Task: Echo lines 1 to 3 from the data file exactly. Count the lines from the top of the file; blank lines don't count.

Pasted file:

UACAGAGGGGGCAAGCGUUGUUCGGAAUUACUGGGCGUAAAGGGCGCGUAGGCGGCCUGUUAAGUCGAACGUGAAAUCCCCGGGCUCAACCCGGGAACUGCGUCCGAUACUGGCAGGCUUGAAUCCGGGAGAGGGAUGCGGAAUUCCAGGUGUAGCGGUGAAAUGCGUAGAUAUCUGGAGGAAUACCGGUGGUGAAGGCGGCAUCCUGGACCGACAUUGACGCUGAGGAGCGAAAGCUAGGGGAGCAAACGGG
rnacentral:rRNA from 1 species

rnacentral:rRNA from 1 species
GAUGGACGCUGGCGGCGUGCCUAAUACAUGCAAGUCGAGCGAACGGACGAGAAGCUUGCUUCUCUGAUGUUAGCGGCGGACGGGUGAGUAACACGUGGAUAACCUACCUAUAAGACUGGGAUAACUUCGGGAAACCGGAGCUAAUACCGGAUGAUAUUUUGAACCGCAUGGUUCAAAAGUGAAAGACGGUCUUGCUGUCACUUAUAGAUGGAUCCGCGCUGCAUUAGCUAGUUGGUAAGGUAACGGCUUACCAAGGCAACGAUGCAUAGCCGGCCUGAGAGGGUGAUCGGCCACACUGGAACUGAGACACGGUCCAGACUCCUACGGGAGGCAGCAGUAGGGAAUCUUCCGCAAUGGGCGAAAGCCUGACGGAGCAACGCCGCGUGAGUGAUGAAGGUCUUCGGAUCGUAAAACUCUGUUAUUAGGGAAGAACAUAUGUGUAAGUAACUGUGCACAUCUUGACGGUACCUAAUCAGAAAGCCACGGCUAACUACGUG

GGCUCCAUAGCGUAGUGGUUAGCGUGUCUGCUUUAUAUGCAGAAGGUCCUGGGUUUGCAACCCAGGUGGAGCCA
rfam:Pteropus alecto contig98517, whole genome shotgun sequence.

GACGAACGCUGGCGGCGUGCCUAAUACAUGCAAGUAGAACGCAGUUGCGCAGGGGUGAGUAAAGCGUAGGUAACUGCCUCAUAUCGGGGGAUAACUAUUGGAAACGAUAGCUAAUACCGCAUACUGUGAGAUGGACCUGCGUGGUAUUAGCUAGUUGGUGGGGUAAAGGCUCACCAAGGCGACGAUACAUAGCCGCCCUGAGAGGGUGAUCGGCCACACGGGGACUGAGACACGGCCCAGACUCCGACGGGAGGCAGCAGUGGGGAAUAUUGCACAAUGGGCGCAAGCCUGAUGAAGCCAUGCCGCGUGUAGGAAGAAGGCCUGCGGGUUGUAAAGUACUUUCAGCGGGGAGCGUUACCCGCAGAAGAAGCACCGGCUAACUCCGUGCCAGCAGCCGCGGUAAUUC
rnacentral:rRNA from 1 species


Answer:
UACAGAGGGGGCAAGCGUUGUUCGGAAUUACUGGGCGUAAAGGGCGCGUAGGCGGCCUGUUAAGUCGAACGUGAAAUCCCCGGGCUCAACCCGGGAACUGCGUCCGAUACUGGCAGGCUUGAAUCCGGGAGAGGGAUGCGGAAUUCCAGGUGUAGCGGUGAAAUGCGUAGAUAUCUGGAGGAAUACCGGUGGUGAAGGCGGCAUCCUGGACCGACAUUGACGCUGAGGAGCGAAAGCUAGGGGAGCAAACGGG
rnacentral:rRNA from 1 species

rnacentral:rRNA from 1 species